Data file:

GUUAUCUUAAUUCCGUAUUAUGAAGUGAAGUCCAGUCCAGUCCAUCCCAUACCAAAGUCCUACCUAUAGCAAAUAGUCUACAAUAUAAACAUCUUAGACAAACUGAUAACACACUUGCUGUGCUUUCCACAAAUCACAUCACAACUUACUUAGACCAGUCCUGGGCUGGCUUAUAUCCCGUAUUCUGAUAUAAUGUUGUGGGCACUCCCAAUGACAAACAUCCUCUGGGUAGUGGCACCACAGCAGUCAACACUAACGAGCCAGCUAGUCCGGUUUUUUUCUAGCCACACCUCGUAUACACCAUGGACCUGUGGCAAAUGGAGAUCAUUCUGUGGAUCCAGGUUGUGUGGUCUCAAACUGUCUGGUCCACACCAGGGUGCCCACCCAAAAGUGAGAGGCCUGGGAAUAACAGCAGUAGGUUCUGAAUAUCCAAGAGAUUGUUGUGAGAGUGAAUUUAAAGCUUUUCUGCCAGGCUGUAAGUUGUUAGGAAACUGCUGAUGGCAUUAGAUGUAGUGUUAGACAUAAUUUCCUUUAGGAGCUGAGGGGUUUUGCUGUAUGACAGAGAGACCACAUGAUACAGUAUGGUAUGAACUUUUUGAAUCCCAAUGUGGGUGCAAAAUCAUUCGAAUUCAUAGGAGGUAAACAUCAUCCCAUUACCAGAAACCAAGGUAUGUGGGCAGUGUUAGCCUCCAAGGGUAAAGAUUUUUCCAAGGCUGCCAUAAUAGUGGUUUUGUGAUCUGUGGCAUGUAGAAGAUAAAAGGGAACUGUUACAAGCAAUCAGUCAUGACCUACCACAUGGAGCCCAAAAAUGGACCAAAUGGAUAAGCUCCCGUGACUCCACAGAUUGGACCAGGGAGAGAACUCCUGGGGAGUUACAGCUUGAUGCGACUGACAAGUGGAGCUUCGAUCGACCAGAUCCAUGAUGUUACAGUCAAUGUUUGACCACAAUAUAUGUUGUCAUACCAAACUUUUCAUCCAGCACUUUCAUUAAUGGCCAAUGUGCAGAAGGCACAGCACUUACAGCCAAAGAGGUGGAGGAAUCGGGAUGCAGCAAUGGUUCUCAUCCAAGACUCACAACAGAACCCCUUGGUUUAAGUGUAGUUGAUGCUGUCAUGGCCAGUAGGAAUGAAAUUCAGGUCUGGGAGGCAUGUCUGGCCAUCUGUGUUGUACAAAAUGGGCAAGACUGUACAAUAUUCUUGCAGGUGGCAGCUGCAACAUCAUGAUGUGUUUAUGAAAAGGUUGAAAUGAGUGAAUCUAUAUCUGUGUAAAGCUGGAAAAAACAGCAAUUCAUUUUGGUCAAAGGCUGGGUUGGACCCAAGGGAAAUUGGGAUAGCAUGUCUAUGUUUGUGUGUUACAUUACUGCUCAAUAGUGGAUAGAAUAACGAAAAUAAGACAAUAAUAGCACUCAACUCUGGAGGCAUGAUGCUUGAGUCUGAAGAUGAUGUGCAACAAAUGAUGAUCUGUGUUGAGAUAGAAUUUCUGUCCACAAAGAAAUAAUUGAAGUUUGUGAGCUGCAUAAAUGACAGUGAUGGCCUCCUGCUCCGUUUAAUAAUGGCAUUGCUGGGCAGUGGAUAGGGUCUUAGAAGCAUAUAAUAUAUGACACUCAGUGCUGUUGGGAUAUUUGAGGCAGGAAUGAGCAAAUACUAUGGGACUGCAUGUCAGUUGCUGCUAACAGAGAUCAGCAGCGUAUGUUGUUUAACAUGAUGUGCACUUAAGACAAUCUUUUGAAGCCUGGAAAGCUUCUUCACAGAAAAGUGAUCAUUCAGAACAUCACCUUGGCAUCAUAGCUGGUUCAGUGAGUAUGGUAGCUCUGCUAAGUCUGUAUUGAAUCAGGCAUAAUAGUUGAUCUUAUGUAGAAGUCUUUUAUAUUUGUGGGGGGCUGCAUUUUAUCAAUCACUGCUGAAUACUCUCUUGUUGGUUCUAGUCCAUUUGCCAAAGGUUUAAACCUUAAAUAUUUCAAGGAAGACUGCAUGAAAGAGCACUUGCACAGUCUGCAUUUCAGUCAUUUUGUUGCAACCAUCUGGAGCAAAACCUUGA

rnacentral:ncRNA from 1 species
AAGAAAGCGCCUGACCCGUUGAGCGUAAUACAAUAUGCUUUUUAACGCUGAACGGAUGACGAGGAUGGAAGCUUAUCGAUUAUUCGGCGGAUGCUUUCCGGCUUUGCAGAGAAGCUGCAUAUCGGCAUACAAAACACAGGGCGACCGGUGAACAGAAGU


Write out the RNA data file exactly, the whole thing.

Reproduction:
GUUAUCUUAAUUCCGUAUUAUGAAGUGAAGUCCAGUCCAGUCCAUCCCAUACCAAAGUCCUACCUAUAGCAAAUAGUCUACAAUAUAAACAUCUUAGACAAACUGAUAACACACUUGCUGUGCUUUCCACAAAUCACAUCACAACUUACUUAGACCAGUCCUGGGCUGGCUUAUAUCCCGUAUUCUGAUAUAAUGUUGUGGGCACUCCCAAUGACAAACAUCCUCUGGGUAGUGGCACCACAGCAGUCAACACUAACGAGCCAGCUAGUCCGGUUUUUUUCUAGCCACACCUCGUAUACACCAUGGACCUGUGGCAAAUGGAGAUCAUUCUGUGGAUCCAGGUUGUGUGGUCUCAAACUGUCUGGUCCACACCAGGGUGCCCACCCAAAAGUGAGAGGCCUGGGAAUAACAGCAGUAGGUUCUGAAUAUCCAAGAGAUUGUUGUGAGAGUGAAUUUAAAGCUUUUCUGCCAGGCUGUAAGUUGUUAGGAAACUGCUGAUGGCAUUAGAUGUAGUGUUAGACAUAAUUUCCUUUAGGAGCUGAGGGGUUUUGCUGUAUGACAGAGAGACCACAUGAUACAGUAUGGUAUGAACUUUUUGAAUCCCAAUGUGGGUGCAAAAUCAUUCGAAUUCAUAGGAGGUAAACAUCAUCCCAUUACCAGAAACCAAGGUAUGUGGGCAGUGUUAGCCUCCAAGGGUAAAGAUUUUUCCAAGGCUGCCAUAAUAGUGGUUUUGUGAUCUGUGGCAUGUAGAAGAUAAAAGGGAACUGUUACAAGCAAUCAGUCAUGACCUACCACAUGGAGCCCAAAAAUGGACCAAAUGGAUAAGCUCCCGUGACUCCACAGAUUGGACCAGGGAGAGAACUCCUGGGGAGUUACAGCUUGAUGCGACUGACAAGUGGAGCUUCGAUCGACCAGAUCCAUGAUGUUACAGUCAAUGUUUGACCACAAUAUAUGUUGUCAUACCAAACUUUUCAUCCAGCACUUUCAUUAAUGGCCAAUGUGCAGAAGGCACAGCACUUACAGCCAAAGAGGUGGAGGAAUCGGGAUGCAGCAAUGGUUCUCAUCCAAGACUCACAACAGAACCCCUUGGUUUAAGUGUAGUUGAUGCUGUCAUGGCCAGUAGGAAUGAAAUUCAGGUCUGGGAGGCAUGUCUGGCCAUCUGUGUUGUACAAAAUGGGCAAGACUGUACAAUAUUCUUGCAGGUGGCAGCUGCAACAUCAUGAUGUGUUUAUGAAAAGGUUGAAAUGAGUGAAUCUAUAUCUGUGUAAAGCUGGAAAAAACAGCAAUUCAUUUUGGUCAAAGGCUGGGUUGGACCCAAGGGAAAUUGGGAUAGCAUGUCUAUGUUUGUGUGUUACAUUACUGCUCAAUAGUGGAUAGAAUAACGAAAAUAAGACAAUAAUAGCACUCAACUCUGGAGGCAUGAUGCUUGAGUCUGAAGAUGAUGUGCAACAAAUGAUGAUCUGUGUUGAGAUAGAAUUUCUGUCCACAAAGAAAUAAUUGAAGUUUGUGAGCUGCAUAAAUGACAGUGAUGGCCUCCUGCUCCGUUUAAUAAUGGCAUUGCUGGGCAGUGGAUAGGGUCUUAGAAGCAUAUAAUAUAUGACACUCAGUGCUGUUGGGAUAUUUGAGGCAGGAAUGAGCAAAUACUAUGGGACUGCAUGUCAGUUGCUGCUAACAGAGAUCAGCAGCGUAUGUUGUUUAACAUGAUGUGCACUUAAGACAAUCUUUUGAAGCCUGGAAAGCUUCUUCACAGAAAAGUGAUCAUUCAGAACAUCACCUUGGCAUCAUAGCUGGUUCAGUGAGUAUGGUAGCUCUGCUAAGUCUGUAUUGAAUCAGGCAUAAUAGUUGAUCUUAUGUAGAAGUCUUUUAUAUUUGUGGGGGGCUGCAUUUUAUCAAUCACUGCUGAAUACUCUCUUGUUGGUUCUAGUCCAUUUGCCAAAGGUUUAAACCUUAAAUAUUUCAAGGAAGACUGCAUGAAAGAGCACUUGCACAGUCUGCAUUUCAGUCAUUUUGUUGCAACCAUCUGGAGCAAAACCUUGA

rnacentral:ncRNA from 1 species
AAGAAAGCGCCUGACCCGUUGAGCGUAAUACAAUAUGCUUUUUAACGCUGAACGGAUGACGAGGAUGGAAGCUUAUCGAUUAUUCGGCGGAUGCUUUCCGGCUUUGCAGAGAAGCUGCAUAUCGGCAUACAAAACACAGGGCGACCGGUGAACAGAAGU